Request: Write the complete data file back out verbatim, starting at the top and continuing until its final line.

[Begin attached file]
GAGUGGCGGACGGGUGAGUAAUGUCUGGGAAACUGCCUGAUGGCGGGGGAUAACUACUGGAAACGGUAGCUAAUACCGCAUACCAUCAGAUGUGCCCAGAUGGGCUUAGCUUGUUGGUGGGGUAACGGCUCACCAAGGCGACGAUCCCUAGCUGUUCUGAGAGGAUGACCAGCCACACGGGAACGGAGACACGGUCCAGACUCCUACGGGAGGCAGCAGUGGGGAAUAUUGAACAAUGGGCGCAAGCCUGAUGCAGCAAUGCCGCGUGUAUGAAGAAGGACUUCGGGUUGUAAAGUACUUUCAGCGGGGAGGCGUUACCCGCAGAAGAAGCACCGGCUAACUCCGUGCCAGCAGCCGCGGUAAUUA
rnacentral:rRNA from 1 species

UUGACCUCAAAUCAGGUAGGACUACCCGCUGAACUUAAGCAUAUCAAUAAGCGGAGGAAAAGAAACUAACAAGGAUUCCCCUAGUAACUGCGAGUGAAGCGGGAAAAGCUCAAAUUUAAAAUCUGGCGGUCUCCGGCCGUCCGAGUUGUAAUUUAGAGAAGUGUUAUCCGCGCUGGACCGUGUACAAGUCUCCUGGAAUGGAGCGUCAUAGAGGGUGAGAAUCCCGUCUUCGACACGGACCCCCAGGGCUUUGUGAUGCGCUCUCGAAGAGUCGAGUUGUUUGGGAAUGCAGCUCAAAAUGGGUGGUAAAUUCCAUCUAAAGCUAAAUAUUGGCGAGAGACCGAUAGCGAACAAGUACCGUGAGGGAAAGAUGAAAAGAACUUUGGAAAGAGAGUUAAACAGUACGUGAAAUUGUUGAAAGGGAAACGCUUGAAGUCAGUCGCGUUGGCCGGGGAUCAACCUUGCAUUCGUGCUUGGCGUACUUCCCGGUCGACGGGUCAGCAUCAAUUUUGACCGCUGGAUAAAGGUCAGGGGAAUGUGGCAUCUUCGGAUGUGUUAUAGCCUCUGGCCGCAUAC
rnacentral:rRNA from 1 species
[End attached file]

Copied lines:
GAGUGGCGGACGGGUGAGUAAUGUCUGGGAAACUGCCUGAUGGCGGGGGAUAACUACUGGAAACGGUAGCUAAUACCGCAUACCAUCAGAUGUGCCCAGAUGGGCUUAGCUUGUUGGUGGGGUAACGGCUCACCAAGGCGACGAUCCCUAGCUGUUCUGAGAGGAUGACCAGCCACACGGGAACGGAGACACGGUCCAGACUCCUACGGGAGGCAGCAGUGGGGAAUAUUGAACAAUGGGCGCAAGCCUGAUGCAGCAAUGCCGCGUGUAUGAAGAAGGACUUCGGGUUGUAAAGUACUUUCAGCGGGGAGGCGUUACCCGCAGAAGAAGCACCGGCUAACUCCGUGCCAGCAGCCGCGGUAAUUA
rnacentral:rRNA from 1 species

UUGACCUCAAAUCAGGUAGGACUACCCGCUGAACUUAAGCAUAUCAAUAAGCGGAGGAAAAGAAACUAACAAGGAUUCCCCUAGUAACUGCGAGUGAAGCGGGAAAAGCUCAAAUUUAAAAUCUGGCGGUCUCCGGCCGUCCGAGUUGUAAUUUAGAGAAGUGUUAUCCGCGCUGGACCGUGUACAAGUCUCCUGGAAUGGAGCGUCAUAGAGGGUGAGAAUCCCGUCUUCGACACGGACCCCCAGGGCUUUGUGAUGCGCUCUCGAAGAGUCGAGUUGUUUGGGAAUGCAGCUCAAAAUGGGUGGUAAAUUCCAUCUAAAGCUAAAUAUUGGCGAGAGACCGAUAGCGAACAAGUACCGUGAGGGAAAGAUGAAAAGAACUUUGGAAAGAGAGUUAAACAGUACGUGAAAUUGUUGAAAGGGAAACGCUUGAAGUCAGUCGCGUUGGCCGGGGAUCAACCUUGCAUUCGUGCUUGGCGUACUUCCCGGUCGACGGGUCAGCAUCAAUUUUGACCGCUGGAUAAAGGUCAGGGGAAUGUGGCAUCUUCGGAUGUGUUAUAGCCUCUGGCCGCAUAC
rnacentral:rRNA from 1 species